Third, NATO's pivot to the Asia-Pacific region could go beyond security. The competition conducted by the US against China has already spoiled the atmosphere of regional cooperation, as regional and subregional economic cooperation have been slowing down. NATO's pivot to the Asia-Pacific region could accelerate the process of decoupling from China as seen in the US-initiated "Indo-Pacific Economic Framework for Prosperity", a new economic bloc consisting of about a dozen Asia-Pacific nations with the notable exclusion of China. In addition to military confrontation and ideological conflict, NATO's disruptive moves will probably fray regional economic interdependence, in a bid to pull regional cooperation back to exclusive Western economic cooperation.
Fourth, NATO's pivot to the Asia-Pacific region will add fuel to the tensions arising from the unresolved Taiwan question, the territorial disputes in the South China Sea and the Korean Peninsula issues. While NATO stands with the ROK on denuclearization of the peninsula, the cooperation between the two in cyberspace and other security domains will complicate the situation. On the South China Sea disputes, the presence of the US and NATO members will turn the sea of peace into a sea of great power rivalry dominated by warships. Also, NATO will try to obstruct China's reunification as its military support for the Taiwan authority will exacerbate the instability across the Taiwan Straits.
But it is worth noting that NATO remains focused on Euro-Atlantic security in a broad sense. Furthermore, differences still exist between NATO members on how to deal with China.
The region needs to be vigilant in regard to NATO's move toward the Asia-Pacific, as NATO has fabricated China as a systemic challenge. The purpose of NATO's pivot to the Asia-Pacific region is clear: to undermine China's development and to exert international influence. Facing China's rise, NATO countries are anxious to keep their vested interests and unfair international rules.
Regarding the challenges posed by NATO's pivot, China should keep patient while adapting to the new circumstances.
First, China needs to strengthen its capability of safeguarding peace and security. China needs to sharpen its edge against NATO's military machine. If its interests are challenged, it can make a firm response. Nonetheless, China should beware of not plunging into the trap of an arms race.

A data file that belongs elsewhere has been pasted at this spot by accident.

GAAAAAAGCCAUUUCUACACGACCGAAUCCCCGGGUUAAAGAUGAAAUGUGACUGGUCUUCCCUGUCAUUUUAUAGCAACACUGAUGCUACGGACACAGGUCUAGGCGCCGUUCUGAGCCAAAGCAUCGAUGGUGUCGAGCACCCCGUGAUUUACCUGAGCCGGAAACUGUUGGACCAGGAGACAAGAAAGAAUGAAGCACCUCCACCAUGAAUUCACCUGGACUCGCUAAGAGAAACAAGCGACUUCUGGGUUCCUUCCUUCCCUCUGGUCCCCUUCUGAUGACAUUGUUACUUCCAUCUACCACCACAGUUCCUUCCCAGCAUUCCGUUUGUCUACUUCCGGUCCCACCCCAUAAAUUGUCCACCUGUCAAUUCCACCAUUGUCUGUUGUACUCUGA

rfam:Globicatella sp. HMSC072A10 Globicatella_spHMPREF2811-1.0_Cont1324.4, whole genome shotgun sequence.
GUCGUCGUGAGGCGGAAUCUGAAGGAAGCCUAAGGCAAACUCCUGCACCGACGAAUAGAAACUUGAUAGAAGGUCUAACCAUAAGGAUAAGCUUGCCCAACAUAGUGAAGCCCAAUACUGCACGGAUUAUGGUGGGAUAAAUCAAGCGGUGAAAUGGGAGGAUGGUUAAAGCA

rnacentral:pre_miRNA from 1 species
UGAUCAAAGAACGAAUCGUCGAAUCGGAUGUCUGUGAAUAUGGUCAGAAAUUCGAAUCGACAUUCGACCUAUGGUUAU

Second, China could use the policy tools available to reduce tensions and confrontations. China and the US share the major responsibility of de-escalating competition. China should strive to promote peace and development along with neighboring partners, and find ways to avoid the camp confrontation being reenacted in the Asia-Pacific region. China still needs to make efforts for inclusive regional cooperation by providing public goods, weaving the network of cooperation with regional countries, and reinforcing the cooperative atmosphere in the region.
Third, China needs to improve its ability to develop and implement a sound crisis management system. Through assessing the latest developments in regional hotspots, China can take necessary measures, including setting up more channels and mechanisms to communicate with the US, avoiding the risks of miscalculation with unintended consequences while ensuring that China's core interests are safeguarded.
The author is a senior fellow at the China Institute of Contemporary International Relations. The author contributed this article to China Watch, a think tank powered by China Daily. The views do not necessarily reflect those of China Daily.